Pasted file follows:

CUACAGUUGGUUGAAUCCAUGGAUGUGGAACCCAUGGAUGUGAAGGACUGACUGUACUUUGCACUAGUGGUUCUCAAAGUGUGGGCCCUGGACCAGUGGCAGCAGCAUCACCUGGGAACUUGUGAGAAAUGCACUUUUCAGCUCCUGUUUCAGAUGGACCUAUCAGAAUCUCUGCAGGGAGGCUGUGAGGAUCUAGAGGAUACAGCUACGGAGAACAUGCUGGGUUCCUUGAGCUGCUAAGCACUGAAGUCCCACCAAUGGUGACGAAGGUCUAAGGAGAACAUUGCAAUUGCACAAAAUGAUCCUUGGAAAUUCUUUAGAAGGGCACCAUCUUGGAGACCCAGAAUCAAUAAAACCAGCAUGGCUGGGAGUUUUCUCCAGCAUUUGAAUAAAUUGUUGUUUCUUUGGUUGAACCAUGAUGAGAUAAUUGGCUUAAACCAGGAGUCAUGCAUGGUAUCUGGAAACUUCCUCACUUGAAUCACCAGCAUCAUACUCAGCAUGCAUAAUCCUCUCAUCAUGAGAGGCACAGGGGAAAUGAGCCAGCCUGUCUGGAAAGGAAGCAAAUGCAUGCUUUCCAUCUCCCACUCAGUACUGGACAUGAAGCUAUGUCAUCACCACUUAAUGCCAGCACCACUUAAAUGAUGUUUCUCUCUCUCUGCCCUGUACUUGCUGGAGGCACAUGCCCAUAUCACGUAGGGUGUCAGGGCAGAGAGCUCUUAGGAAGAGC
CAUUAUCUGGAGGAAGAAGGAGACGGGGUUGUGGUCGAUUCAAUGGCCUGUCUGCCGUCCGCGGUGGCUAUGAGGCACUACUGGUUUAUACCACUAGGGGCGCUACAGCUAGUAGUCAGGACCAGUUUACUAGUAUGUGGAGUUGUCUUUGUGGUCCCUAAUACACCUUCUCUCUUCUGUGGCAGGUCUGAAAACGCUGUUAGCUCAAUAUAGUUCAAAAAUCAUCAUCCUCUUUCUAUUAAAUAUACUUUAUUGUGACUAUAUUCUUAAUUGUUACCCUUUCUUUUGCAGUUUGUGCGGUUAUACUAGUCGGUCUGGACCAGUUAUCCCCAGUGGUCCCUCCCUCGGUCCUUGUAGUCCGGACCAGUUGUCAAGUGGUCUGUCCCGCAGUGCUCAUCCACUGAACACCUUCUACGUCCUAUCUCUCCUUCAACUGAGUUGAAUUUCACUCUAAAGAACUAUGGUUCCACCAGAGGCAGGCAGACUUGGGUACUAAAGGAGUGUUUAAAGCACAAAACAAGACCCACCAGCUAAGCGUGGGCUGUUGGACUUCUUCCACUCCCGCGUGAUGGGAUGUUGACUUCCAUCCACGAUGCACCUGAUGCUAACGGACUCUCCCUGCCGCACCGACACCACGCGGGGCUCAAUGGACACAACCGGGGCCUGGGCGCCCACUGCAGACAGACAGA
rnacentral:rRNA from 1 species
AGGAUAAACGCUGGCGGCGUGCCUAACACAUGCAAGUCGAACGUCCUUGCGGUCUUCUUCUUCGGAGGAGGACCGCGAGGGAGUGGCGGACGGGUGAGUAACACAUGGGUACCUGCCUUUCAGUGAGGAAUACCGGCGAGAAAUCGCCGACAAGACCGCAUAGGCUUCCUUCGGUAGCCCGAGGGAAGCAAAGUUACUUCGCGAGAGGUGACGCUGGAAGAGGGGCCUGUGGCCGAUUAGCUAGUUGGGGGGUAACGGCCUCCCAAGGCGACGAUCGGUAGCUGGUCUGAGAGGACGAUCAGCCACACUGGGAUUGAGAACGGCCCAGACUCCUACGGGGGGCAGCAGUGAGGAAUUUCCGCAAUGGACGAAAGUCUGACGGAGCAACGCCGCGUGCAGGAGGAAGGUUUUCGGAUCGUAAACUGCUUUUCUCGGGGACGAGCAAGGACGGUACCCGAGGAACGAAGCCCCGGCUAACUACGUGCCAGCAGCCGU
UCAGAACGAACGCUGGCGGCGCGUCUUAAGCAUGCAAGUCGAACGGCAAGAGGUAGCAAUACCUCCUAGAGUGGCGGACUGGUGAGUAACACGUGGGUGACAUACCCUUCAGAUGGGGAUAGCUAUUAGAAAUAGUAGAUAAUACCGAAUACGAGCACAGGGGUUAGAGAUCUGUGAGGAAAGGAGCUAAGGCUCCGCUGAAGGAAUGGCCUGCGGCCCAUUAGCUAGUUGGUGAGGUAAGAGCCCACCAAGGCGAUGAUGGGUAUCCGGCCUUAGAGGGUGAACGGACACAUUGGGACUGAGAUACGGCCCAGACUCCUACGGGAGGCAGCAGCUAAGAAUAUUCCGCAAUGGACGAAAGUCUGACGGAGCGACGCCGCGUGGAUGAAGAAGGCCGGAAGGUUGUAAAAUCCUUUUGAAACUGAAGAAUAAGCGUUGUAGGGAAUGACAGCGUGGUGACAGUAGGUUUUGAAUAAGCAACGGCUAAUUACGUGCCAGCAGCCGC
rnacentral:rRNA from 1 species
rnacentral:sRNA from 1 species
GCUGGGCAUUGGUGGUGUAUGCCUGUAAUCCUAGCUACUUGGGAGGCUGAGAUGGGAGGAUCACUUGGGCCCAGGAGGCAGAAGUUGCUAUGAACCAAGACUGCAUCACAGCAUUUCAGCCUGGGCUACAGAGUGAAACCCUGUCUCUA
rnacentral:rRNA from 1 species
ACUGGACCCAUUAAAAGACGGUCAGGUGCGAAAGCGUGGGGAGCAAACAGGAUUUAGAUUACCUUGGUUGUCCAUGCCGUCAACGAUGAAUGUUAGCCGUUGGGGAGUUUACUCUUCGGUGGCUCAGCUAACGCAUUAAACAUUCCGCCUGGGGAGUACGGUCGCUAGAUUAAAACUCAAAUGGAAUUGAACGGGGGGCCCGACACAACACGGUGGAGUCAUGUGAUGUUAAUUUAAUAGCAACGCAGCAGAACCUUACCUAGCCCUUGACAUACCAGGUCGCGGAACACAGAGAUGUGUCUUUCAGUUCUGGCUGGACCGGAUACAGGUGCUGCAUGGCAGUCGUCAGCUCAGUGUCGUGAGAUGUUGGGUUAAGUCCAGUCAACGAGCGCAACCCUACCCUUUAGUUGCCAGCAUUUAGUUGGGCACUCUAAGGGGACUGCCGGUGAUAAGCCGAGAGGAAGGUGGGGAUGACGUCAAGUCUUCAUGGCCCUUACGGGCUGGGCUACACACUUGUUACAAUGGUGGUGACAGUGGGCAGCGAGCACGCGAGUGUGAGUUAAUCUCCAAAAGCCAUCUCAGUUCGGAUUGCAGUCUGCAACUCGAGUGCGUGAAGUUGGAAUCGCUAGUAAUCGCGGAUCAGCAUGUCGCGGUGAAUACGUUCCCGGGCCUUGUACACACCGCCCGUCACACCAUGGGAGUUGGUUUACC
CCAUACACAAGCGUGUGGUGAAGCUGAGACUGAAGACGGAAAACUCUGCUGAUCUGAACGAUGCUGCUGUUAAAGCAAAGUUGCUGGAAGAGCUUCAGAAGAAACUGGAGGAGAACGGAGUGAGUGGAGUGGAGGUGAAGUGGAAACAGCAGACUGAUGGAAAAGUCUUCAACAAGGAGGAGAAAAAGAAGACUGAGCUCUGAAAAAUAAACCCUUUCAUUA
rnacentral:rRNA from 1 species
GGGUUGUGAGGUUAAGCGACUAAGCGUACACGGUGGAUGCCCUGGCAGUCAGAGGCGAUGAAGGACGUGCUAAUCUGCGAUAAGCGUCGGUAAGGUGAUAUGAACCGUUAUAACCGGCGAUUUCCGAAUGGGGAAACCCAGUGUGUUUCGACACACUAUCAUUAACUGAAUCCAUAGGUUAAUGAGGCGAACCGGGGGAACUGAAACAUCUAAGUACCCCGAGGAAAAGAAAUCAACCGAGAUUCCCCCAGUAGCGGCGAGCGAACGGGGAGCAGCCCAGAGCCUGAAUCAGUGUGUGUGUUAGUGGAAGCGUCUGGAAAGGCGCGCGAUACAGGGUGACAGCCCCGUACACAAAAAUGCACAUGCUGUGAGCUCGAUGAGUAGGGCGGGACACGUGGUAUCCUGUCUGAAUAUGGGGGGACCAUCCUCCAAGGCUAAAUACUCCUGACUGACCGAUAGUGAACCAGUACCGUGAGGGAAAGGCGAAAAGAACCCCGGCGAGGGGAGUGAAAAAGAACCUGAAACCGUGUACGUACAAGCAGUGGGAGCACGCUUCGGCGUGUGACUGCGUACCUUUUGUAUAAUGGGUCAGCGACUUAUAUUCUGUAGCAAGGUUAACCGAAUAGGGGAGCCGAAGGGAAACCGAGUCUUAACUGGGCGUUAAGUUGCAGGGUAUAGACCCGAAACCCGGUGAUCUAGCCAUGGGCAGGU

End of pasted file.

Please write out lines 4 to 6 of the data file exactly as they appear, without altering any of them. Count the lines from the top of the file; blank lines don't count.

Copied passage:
AGGAUAAACGCUGGCGGCGUGCCUAACACAUGCAAGUCGAACGUCCUUGCGGUCUUCUUCUUCGGAGGAGGACCGCGAGGGAGUGGCGGACGGGUGAGUAACACAUGGGUACCUGCCUUUCAGUGAGGAAUACCGGCGAGAAAUCGCCGACAAGACCGCAUAGGCUUCCUUCGGUAGCCCGAGGGAAGCAAAGUUACUUCGCGAGAGGUGACGCUGGAAGAGGGGCCUGUGGCCGAUUAGCUAGUUGGGGGGUAACGGCCUCCCAAGGCGACGAUCGGUAGCUGGUCUGAGAGGACGAUCAGCCACACUGGGAUUGAGAACGGCCCAGACUCCUACGGGGGGCAGCAGUGAGGAAUUUCCGCAAUGGACGAAAGUCUGACGGAGCAACGCCGCGUGCAGGAGGAAGGUUUUCGGAUCGUAAACUGCUUUUCUCGGGGACGAGCAAGGACGGUACCCGAGGAACGAAGCCCCGGCUAACUACGUGCCAGCAGCCGU
UCAGAACGAACGCUGGCGGCGCGUCUUAAGCAUGCAAGUCGAACGGCAAGAGGUAGCAAUACCUCCUAGAGUGGCGGACUGGUGAGUAACACGUGGGUGACAUACCCUUCAGAUGGGGAUAGCUAUUAGAAAUAGUAGAUAAUACCGAAUACGAGCACAGGGGUUAGAGAUCUGUGAGGAAAGGAGCUAAGGCUCCGCUGAAGGAAUGGCCUGCGGCCCAUUAGCUAGUUGGUGAGGUAAGAGCCCACCAAGGCGAUGAUGGGUAUCCGGCCUUAGAGGGUGAACGGACACAUUGGGACUGAGAUACGGCCCAGACUCCUACGGGAGGCAGCAGCUAAGAAUAUUCCGCAAUGGACGAAAGUCUGACGGAGCGACGCCGCGUGGAUGAAGAAGGCCGGAAGGUUGUAAAAUCCUUUUGAAACUGAAGAAUAAGCGUUGUAGGGAAUGACAGCGUGGUGACAGUAGGUUUUGAAUAAGCAACGGCUAAUUACGUGCCAGCAGCCGC
rnacentral:rRNA from 1 species